The objective is to develop and characterize genetic mouse models of non-syndromic cardiac progeria (NSCP). The impetus for the studies is originated from the findings of NSCP in young patients with premature and progressive degenerative cardiovascular disease, characteristic of aging. Clinical and genetic studies have led us to advocate the doctrine that cardiac involvement in LMNA (Lamin A/C) mutations, referred to as cardiolaminopathy represents NSCP. We propose to develop and characterize mouse models expressing mutant LmnaD300N and LmnaR644C found in patients with progressive degenerative cardiovascular diseases. The p.D300N is associated with degenerative disease involving myocardium, conduction system, valves and the coronary arteries, while the p.R644C is the most common cause of cardiolaminopathy. We will use the recombineering (recombination-mediated genetic engineering) method to generate LmnaD300N, LmnaR644C and Lmna-wild type (WT), latter as a control, transgenic mice. Recombineering is a relatively novel and powerful method that enables efficient construction of the transgene vectors that are similar to the WT gene with the exception of the intended mutation/changes. The method utilizes homologous recombination in E. coli using recombination proteins provided from a lambda phage. The recombined transgene constructs are microinjected into fertilized single cell mouse embryos to produce genetic mouse models in which expression of the transgene is regulated by the regulatory sequences that govern expression of the endogenous gene. The models will genetically recapitulate the human genotype of Lmna mutations and also will enable analyzing involvement of multiple cardiac and non-cardiac cell types, including myocytes, fibroblasts and conduction system. The phenotype of aging is defined at the molecular level by induced expression of established markers of senescence, namely senescence-associated 2-galactosidase (S-A 2-Gal), p16INK4a (Cdkn2a), P19, p21WAF1/CIP1, telomere attrition and telomerase activity. At the cellular level we will assess trophic, replicative and reparative responses to agonists and at the organ level myocardial dysfunction and conduction defects. We will assess survival by Kaplan-Meier survival analysis;cardiac structure and function by echocardiography;and conduction defects and arrhythmias by electrocardiography. Likewise, we will analyze trophic (myocyte), proliferative and reparative (fibroblasts) responses of cells isolated from the hearts to angiotensin II (AT) and transforming growth factor 2 (TGF2). Moreover, we will quantify telomerase activity, telomere attrition and levels of p16INK4a, p21WAF1/CIP1, SA-2-Gal and markers of oxidative stress in the heart cardiac. The studies are expected to establish the proposed models as mouse models of NSCP and provide the opportunity to elucidate the fundamental mechanisms that govern cardiac senescence. The discoveries could facilitate prevention, attenuation and cure of cardiolaminopathy in humans.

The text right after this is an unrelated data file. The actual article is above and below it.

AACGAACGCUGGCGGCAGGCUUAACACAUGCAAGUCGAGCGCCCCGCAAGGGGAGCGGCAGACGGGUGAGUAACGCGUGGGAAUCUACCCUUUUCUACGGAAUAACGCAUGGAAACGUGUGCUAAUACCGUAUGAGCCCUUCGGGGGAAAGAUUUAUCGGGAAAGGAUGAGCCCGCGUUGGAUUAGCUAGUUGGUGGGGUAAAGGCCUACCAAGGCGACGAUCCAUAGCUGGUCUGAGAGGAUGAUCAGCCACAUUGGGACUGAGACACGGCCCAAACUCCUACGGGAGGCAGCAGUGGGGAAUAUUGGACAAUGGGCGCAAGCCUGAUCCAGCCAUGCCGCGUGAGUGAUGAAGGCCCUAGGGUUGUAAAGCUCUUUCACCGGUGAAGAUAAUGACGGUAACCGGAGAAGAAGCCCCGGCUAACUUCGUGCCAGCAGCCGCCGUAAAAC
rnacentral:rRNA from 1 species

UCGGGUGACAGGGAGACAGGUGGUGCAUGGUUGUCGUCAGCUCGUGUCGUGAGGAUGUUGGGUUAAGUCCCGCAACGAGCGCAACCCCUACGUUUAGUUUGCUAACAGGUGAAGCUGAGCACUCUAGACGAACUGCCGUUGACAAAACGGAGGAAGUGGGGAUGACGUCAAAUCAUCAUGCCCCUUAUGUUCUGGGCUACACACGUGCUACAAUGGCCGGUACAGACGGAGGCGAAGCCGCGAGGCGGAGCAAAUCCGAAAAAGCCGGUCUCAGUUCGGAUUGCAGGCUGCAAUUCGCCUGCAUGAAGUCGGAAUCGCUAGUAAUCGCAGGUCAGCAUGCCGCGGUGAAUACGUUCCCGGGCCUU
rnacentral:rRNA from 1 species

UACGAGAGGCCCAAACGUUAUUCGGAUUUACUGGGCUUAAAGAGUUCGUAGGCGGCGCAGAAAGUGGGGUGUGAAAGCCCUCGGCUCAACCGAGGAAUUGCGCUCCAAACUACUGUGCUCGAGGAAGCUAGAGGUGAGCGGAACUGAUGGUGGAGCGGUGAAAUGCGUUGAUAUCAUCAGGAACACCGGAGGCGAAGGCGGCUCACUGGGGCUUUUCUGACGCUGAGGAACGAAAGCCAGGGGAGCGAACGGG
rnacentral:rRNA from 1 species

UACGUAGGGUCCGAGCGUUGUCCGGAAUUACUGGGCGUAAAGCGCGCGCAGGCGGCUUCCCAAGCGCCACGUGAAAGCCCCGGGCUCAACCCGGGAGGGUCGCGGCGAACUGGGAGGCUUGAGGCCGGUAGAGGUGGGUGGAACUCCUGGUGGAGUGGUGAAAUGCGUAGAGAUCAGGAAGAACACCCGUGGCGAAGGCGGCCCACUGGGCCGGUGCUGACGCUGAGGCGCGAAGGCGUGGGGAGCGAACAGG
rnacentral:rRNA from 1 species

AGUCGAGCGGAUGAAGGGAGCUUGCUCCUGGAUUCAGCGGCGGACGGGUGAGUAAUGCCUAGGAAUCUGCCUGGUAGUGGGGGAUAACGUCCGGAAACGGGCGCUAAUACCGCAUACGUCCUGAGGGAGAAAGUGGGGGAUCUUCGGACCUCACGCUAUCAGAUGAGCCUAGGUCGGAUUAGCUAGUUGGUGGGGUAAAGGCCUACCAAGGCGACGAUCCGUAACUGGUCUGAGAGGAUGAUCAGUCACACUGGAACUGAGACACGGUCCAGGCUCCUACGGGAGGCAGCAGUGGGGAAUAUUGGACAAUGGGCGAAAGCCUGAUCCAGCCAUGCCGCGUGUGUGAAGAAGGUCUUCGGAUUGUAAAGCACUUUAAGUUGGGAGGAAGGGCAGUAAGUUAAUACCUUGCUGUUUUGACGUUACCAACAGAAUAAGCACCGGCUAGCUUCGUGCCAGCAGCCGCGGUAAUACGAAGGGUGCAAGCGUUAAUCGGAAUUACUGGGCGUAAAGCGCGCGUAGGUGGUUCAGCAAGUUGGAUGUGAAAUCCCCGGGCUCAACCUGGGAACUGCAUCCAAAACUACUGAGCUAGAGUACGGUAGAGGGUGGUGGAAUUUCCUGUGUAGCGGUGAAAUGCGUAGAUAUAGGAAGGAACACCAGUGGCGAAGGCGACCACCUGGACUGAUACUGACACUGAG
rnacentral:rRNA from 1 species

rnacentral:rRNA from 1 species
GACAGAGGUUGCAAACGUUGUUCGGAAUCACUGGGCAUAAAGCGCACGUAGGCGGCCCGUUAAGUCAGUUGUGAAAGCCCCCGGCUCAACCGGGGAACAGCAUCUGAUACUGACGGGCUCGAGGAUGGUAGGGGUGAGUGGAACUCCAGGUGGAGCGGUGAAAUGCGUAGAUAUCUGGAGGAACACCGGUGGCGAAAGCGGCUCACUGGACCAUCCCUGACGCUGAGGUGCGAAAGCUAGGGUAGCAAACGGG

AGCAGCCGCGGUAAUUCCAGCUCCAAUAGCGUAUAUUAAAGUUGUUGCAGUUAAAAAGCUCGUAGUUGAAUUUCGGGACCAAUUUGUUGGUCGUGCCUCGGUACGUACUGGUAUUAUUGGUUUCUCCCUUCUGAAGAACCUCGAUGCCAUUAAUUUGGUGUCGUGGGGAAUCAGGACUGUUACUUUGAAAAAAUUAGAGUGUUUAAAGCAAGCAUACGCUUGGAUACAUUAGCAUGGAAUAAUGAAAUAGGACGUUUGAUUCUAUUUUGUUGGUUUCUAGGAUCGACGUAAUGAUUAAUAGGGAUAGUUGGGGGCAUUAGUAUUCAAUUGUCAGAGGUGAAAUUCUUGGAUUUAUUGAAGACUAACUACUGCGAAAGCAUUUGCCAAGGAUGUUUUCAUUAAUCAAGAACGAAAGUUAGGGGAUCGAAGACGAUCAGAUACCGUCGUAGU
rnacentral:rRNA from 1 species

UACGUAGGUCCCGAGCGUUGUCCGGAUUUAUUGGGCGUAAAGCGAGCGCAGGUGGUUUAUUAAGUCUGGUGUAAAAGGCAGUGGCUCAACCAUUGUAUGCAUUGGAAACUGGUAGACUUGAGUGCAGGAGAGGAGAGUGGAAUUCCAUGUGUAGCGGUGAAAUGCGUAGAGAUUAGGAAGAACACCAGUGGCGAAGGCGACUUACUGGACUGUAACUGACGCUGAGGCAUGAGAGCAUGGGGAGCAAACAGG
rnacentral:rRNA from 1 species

Public Health Relevance

PROJECT NARRATIVE Clinical and genetic studies in human patients with premature degenerative cardiovascular diseases, characteristics of aging, have led us to advocate the doctrine that LMNA (Lamin A/C) mutations cause non- syndromic cardiac progeria. To test this hypothesis we propose to develop and characterize recombineered mouse models of specific LMNA mutations that are associated with the non-syndromic cardiac progeria. The models could afford the opportunity to delineate the molecular and cellular mechanisms of cardiolaminopathy and shed light into the mechanisms of cardiovascular senescence.

National Institute of Health (NIH)
National Institute on Aging (NIA)
Exploratory/Developmental Grants (R21)
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Myocardial Ischemia and Metabolism Study Section (MIM)
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Kohanski, Ronald A
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University of Texas Health Science Center Houston
Schools of Medicine
United States
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